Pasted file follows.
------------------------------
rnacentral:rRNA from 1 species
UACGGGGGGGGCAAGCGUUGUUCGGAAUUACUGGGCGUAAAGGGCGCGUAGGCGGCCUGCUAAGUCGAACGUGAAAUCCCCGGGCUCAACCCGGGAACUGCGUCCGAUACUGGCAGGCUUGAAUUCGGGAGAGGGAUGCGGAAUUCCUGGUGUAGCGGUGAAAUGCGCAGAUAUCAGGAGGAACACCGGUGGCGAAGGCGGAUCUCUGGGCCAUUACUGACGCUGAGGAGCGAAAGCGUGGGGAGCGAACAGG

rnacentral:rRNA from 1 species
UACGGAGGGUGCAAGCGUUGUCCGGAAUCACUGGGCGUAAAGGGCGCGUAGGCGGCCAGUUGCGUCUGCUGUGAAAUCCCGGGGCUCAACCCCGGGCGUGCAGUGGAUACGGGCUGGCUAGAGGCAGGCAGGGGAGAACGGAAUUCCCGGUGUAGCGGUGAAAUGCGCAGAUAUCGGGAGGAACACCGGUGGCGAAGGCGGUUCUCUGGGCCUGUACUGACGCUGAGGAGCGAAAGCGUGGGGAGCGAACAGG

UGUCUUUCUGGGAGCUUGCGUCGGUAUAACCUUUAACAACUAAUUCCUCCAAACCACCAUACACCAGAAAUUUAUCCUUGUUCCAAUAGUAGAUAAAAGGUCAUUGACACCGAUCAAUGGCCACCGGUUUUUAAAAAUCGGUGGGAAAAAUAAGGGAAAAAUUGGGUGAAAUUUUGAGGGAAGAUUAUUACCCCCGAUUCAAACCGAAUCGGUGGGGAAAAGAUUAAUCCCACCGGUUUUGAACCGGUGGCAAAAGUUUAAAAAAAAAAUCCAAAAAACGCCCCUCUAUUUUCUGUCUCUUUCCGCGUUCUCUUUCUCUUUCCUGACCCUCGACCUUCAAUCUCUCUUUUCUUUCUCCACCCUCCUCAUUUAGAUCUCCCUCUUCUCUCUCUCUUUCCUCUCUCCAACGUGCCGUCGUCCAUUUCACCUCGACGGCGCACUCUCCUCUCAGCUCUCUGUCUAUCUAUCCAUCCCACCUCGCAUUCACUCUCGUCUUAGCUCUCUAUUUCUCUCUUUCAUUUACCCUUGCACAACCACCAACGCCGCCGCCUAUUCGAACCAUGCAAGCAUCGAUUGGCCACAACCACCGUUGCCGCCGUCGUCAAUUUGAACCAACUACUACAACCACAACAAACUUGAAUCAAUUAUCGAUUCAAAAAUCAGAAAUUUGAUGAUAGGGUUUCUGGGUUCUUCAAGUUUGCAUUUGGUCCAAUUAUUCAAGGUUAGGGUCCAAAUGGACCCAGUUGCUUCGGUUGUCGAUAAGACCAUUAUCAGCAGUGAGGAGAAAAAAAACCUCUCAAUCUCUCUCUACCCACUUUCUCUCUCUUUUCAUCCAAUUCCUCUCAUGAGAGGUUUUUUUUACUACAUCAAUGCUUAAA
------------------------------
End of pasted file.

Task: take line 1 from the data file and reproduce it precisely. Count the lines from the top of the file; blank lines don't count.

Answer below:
rnacentral:rRNA from 1 species